53 Works

South Queensland Eastern Australia Linkage - ARC Discovery Grant DP120103673

This array is part of the WOMBAT rolling array. This array was completed in 2 parts. 47 instruments were installed in the eastern half of the array from 2012 and 52 instruments were installed in 2013 over the western half of the array. Instruments were short-period (Lennartz 3D-Lite MkII) seismometers and LPR200 recorders. Station spacing is approximately 50 km. Funding was provided by the Australian Research Council as part of a Discovery Project DP120103673 and...

Using different body size measures can lead to different conclusions about the effects of climate change

Liam Bailey, Loeske Kruuk, Richard Allen, Mark Clayton, John Stein & Janet Gardner
Aim: Declining animal body size has been proposed as a general response to increasing global temperatures that should be observed across a broad biogeographical scale. However, published studies have shown large variation in both the magnitude and direction of body size trends. We aim to investigate how the way body size is measured (body mass, structural size, body condition) may contribute to differences in body size trends between studies. Location: Semi-arid Australia. Taxon: White-plumed honeyeater...

Reduced avian body condition due to global warming has little reproductive or population consequences

Nina McLean, Henk Van Der Jeugd, Chris Van Turnhout, Jonathan Lefcheck & Martijn Van De Pol
Climate change has strong effects on traits such as phenology and physiology. Studies typically assume that climate-induced trait changes will have consequences for population dynamics, but explicit tests are rare. Body condition reflects energy storage and may directly affect how much can be invested in reproduction and survival. However, the causal pathway by which decreased body condition impacts population dynamics has never been quantified across multiple populations and species. Therefore, we lack a general understanding...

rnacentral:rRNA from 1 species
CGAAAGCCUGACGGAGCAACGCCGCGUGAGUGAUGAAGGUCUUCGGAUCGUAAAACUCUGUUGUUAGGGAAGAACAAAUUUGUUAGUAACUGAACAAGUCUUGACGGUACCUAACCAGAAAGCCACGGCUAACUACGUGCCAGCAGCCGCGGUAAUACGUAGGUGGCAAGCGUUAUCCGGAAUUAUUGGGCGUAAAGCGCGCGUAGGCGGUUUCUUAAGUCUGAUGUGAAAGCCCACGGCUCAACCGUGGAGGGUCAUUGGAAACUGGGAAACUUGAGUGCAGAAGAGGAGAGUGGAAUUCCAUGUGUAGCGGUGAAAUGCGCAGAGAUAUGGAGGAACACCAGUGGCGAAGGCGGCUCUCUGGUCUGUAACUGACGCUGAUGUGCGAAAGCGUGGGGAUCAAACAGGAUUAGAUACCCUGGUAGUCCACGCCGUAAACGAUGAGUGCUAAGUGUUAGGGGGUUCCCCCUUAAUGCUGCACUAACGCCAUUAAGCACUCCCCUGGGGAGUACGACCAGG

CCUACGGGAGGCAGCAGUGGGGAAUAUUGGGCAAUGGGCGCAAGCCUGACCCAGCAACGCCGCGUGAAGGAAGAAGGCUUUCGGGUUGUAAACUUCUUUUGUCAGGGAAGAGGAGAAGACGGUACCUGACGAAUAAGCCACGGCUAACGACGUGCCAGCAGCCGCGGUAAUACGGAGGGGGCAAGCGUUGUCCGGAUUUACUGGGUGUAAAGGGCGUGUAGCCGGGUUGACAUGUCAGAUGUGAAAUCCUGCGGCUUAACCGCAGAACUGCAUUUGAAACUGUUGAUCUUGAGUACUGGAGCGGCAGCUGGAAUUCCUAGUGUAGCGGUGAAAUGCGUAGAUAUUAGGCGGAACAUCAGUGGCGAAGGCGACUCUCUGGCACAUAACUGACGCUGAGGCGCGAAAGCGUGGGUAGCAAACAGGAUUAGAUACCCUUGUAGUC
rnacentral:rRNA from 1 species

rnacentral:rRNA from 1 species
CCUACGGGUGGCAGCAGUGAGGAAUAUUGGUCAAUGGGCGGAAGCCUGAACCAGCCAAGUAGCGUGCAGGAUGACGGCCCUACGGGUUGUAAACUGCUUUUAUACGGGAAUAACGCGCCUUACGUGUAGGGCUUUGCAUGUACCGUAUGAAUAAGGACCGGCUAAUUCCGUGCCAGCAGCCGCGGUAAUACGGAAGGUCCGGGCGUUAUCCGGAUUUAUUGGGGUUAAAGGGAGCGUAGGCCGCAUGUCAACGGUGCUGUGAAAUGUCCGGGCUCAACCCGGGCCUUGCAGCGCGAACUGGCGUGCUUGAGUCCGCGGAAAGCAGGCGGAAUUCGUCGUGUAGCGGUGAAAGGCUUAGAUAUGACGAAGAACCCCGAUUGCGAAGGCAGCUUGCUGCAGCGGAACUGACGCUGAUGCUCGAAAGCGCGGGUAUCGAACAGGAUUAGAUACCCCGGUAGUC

Speedy revelations: how alarm calls can convey rapid, reliable information about urgent danger

Jessica McLachlan & Robert Magrath
In the perpetual struggle between high-speed predators and their prey, individuals need to react in the blink of an eye to avoid capture. Alarm calls that warn of danger therefore need to do so sufficiently rapidly that listeners can escape in time. Paradoxically, many species produce more elements in their alarm calls when signalling about more immediate danger, thereby increasing the reliability of transmission of critical information but taking longer to convey the urgent message....

Data from: Ageing and senescence across reproductive traits and survival in superb fairy-wrens (Malurus cyaneus)

Eve Cooper
Why do senescence rates of fitness-related traits often vary dramatically? By considering the full ageing trajectories of multiple traits we can better understand how a species’ life-history shapes the evolution of senescence within a population. Here, we examined age-related changes in sex-specific survival, reproduction, and several components of reproduction using a long-term study of a cooperatively-breeding songbird, the superb fairy-wren (Malurus cyaneus). We compared ageing patterns between traits by estimating standardized rates of maturation, the...

Data from: Amelioration of ocean acidification and warming effects through physiological buffering of a macroalgae

Steve Doo, Aero Leplastrier, Alexia Graba-Landry, Januar Harianto, Ross Coleman & Maria Byrne